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The Detour Bridge

Understanding the "Shoofly" Detour Bridge Approach

Larry Gescher narrates the shoofly process. (3 min 18 sec)

Multnomah County used a detour bridge in order to save time and money during the construction of the new Sellwood Bridge. Referred to as a "Shoofly" in the construction trade, this approach was suggested to the county by the firms bidding on the design and construction contracts in early 2011.

The original bridge truss was shifted on January 19, 2013 and the Shoofly opened to traffic on January 23. Visit The Big Move page for more information on the moving process and a time-lapse video of the move itself.

Advantages over original plan

Originally, the county intended to build the new bridge in halves by using the existing bridge for traffic while half of the new structure was built to the south. Once complete, traffic then would have shifted to the new half while the existing bridge was demolished and the other half of the new bridge was built to the north. This approach would have required extensive staging to keep the bridge open to traffic. It also would have cost more, due to longer construction times and redundant structural features; each half of the bridge had to be freestanding on its own, requiring a total of four rib arches rather than two.

Under the detour bridge "Shoofly" method, staged construction is not required. Instead, temporary piers were erected to the north of the existing bridge piers. In January 2013, the entire 1100-foot long steel deck truss will be slid over on rails using hydraulic jacks. Temporary approach spans at the east and west ends of the truss will link the structure to SE Tacoma Street and Highway 43.

The temporary detour bridge remained in place until the new bridge opened in early spring 2016, freeing up the existing alignment for the work crews and removing traffic from the bridge construction zone. The construction firm hired to do this work – Slayden/Sundt Joint Venture – has successfully used this detour bridge method on other bridge projects.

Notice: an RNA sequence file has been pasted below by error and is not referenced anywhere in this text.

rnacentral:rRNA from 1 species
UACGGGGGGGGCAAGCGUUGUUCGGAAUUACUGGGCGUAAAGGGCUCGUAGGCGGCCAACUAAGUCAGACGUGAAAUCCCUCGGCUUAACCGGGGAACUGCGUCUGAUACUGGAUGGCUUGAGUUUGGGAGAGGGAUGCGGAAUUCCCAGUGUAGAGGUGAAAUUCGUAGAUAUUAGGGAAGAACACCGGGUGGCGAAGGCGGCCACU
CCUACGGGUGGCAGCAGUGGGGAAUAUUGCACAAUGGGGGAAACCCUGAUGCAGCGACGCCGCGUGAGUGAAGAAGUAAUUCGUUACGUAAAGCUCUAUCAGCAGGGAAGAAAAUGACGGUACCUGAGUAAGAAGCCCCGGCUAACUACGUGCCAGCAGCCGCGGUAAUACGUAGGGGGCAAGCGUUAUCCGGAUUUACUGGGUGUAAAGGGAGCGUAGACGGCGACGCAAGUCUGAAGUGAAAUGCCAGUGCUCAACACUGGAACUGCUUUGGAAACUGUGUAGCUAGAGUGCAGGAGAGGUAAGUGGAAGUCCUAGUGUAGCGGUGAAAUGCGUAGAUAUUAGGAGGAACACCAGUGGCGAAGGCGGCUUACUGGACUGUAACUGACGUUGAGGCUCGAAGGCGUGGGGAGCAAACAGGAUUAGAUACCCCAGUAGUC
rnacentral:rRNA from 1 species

The detour bridge offered several advantages over staged construction:

      • The temporary detour structure was strong as, if not stronger, than the old Sellwood Bridge (including seismically). The weakest part of the old bridge (the west approach) was not be part of the detour bridge.
      • The new bridge was built entirely in one phase.
      • Cost savings were estimated to be in the range of $5 to $10 million.
      • This approach saved up to a year in construction time.
      • There was no need for redundant structural features (allows for a sleeker design).
      • There was a safety benefit in separating construction workers from drivers.
      • This approach required fewer temporary work bridges and less in-water impacts.

The bridge needed to be closed for one week to set up the detour bridge. The bridge was also closed late in the project to set up road connections at each end. The detour bridge did not change the number of days the bridge needed to be closed (no more than 30 days during the project).

At the east end of the bridge, the old approach from SE Tacoma St. continued to be in use as part of the detour bridge. An additional construction phase was needed at the end of the project to construct the north side of the east approach.